The Daily News – The Eyes and Ears, the Honest Voice of New York

Founded in 1919, the daily news was the first successful tabloid newspaper in the United States. It became a dominant force in the city during the Roaring Twenties and, at one point, was the country’s biggest newspaper with 2.4 million daily circulation. Its success was fueled by sensational and titillating stories, as well as large photographs and reader contests. It also focused on political wrongdoing, including the Teapot Dome scandal and social intrigue, such as the romance between Wallis Simpson and King Edward VIII that led to his abdication. In the early 1930s, the News was an early user of the Associated Press wirephoto service and employed a staff of photographers. The newspaper also published a popular weekly columnist, Ed Sullivan, who later hosted the Ed Sullivan Show on CBS. By 1947, the Daily News reached its peak circulation and was the most widely read newspaper in America. The New York Daily News was located in the famous art deco Daily News Building on 42nd Street and Second Avenue, which was designed by architects John Mead Howells and Raymond Hood. The building was later used for television production and is now the headquarters of WPIX-TV.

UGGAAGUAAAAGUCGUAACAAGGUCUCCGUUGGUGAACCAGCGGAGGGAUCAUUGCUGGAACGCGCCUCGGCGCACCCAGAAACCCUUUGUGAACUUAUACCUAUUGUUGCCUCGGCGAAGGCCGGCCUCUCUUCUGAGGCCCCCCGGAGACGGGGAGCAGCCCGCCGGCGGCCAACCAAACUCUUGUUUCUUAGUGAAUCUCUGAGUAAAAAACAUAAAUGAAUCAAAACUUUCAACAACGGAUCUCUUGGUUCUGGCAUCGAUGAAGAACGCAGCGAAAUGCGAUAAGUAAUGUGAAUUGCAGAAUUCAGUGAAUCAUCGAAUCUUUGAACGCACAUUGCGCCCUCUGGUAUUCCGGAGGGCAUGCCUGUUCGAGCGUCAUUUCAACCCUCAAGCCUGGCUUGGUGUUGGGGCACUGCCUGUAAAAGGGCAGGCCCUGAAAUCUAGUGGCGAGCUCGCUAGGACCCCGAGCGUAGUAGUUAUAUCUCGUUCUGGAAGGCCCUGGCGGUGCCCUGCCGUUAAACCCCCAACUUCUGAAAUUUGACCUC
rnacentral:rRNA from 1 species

In 1975, the Daily News rolled out what would become its most famous headline in its 56-year history. After President Gerald Ford had delivered a speech the day before vetoing a bankruptcy bail-out for New York, the front page of the October 30th edition bore a headline that read: “FORD TO CITY: DROP DEAD.” The News had no idea that such a scathing attack on the president, delivered just prior to his 1976 presidential election, would help him lose to Jimmy Carter.

The Daily News remained a staunch Republican publication until the 1980s, when it began to shift to a more flexible centrist stance. By the late 1970s, the paper had begun to be referred to as the “The Eyes and Ears, the Honest Voice of New York.” The Daily News has a reputation for being able to break big city stories that other newspapers cannot or will not, and it has often cited its storied investigative capabilities as being the reason for its success.

In the early 1980s, the Daily News was losing about $115 million per year, largely due to its labor costs. As a result, the paper began to cut back on salaries and benefits for its staff, and many longtime employees were forced to retire. In 1983, the Daily News lost its monopoly on the city’s most valuable advertising space when the New York Post and The Times announced that they were going to begin selling their own ads. The Daily News responded by attempting to recruit advertisers from outside of the city, a move that ultimately failed. By the beginning of the 1980s, the newspaper was losing a million dollars per month and was facing an uncertain future. In 1987, the newspaper was sold to its current owners, Tronc, for a mere $1.

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